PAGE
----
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Thursday, April 13, 2017

"Back Where It All Begins"

I like to mix it up as much as possible for this acoustic project and create something different from what I've just done. Last month I finished The Grateful Dead's "Franklin's Tower", which came together fairly easily, which you would expect from a loose jam song. After noodling on my mandolin for a few days, I decided I wanted to feature it in order to add some variety to the instrumentation. I really hadn't used it as anything more than an additive to date, learning chords and parts as they were needed. The mandolin sounded pretty good as the backbone of the Allman Brothers' "Back Where It All Begins" adapting the song to a rootsier palette that still retained the song's bright essence. But recording it right after "Franklin's Tower" presented its own challenges. The two songs are in some ways related - their basic chord progression is basically the inverse of each other, only "Begins" has a more complicated bridge and instrumental section. It was going to be a fun challenge to separate these two songs from each other. (Coincidentally, the Allman Brothers began playing both songs in the mid-1990s)

"Back Where It All Begins" was released on 1994's Where It All Begins at the height of the Allman Brothers' Warren Haynes & Allen Woody era. At the age of 13, I just happened to be getting into the band, so with the band peaking, it was a perfect time. "Begins" was one of my first introductions to witnessing the band play. I tuned in to The Late Show with David Letterman expecting to see Gregg belt out their latest hit , "No One to Run With" (as he had done a week prior on Jay Leno's Tonight Show), only to see the cowboy guitar player singing a much sweeter tune. "Begins" is a mishmash of folk and jam music infused with desert drifter iconography, which is exactly what you would expect from Dickey Betts, yet still be blown away by. "Begins" takes you through 10 minutes of high peaks and quiet valleys. The set piece features Warren Haynes' blistering guitar playing that will make guitar players either want to practice their guitar or burn it (to quote a friend).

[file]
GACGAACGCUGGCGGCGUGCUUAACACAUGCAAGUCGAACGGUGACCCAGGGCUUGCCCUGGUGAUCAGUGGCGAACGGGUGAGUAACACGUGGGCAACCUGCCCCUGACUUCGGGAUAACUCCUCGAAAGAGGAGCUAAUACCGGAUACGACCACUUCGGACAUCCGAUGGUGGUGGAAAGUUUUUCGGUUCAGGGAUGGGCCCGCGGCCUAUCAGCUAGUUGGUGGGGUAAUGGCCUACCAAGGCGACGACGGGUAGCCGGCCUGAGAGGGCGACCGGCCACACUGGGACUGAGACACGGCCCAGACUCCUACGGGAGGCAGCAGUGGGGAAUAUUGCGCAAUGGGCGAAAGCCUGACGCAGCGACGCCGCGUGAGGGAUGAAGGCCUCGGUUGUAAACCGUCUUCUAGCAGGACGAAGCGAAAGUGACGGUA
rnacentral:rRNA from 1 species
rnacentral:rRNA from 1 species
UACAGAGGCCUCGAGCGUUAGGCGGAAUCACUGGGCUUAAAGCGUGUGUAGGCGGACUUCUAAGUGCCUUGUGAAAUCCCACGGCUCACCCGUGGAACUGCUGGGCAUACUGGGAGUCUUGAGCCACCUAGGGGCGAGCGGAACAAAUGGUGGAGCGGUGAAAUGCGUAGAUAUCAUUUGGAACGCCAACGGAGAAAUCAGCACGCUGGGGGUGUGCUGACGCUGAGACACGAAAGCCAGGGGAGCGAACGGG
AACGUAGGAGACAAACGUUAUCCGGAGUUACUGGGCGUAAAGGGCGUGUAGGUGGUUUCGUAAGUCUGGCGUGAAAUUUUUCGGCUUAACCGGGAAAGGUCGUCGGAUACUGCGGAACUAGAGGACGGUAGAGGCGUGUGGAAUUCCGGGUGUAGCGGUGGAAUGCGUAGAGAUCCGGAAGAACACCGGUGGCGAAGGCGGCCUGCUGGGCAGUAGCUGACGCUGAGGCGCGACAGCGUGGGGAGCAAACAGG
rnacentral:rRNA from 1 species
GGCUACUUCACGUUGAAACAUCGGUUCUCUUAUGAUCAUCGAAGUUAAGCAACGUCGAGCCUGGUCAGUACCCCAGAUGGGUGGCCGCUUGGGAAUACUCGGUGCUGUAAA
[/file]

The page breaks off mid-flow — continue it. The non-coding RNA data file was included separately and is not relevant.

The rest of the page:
The song starts out simple enough, an inverse of "Franklin's Tower" circular major progression up from I and back instead of down to it. This is common in many popular songs ("Louie, Louie", "Wild Thing", etc), so it is a testament to Dickey's playing that he is able to make it unique. Superficially, the bridge could be mistaken for "Twinkle, Twinkle Little Star", which I'm not sure is intentional (Dickey would later change a lyric from "and the stars up in the sky" to "tell her one more goodbye" and I always wondered if it was to distance it from the nursery song or was just a more evocative line).

The instrumental section seems simple enough at first glace, but the jump into an E>D chord progression keeps a player on their toes. Well, it kept me on my toes, and to further separate the arrangement from my "Franklin's Tower", I decided to do a dobro solo which was even more challenging. The second solo section bring the song back to the A>D>E>D>A and is more traditional and mercifully more forgiving.

I recorded the tune in its native key of A, but it was too low for my voice, so I moved it to C, which moved the solos to a little more challenging spot on the neck of the guitar. It also meant the harmonies were pushed higher, so they certainly suffered. I won't lie, it got frustrating along the way, but at the very least, it definitely doesn't sound like "Franklin's Tower".


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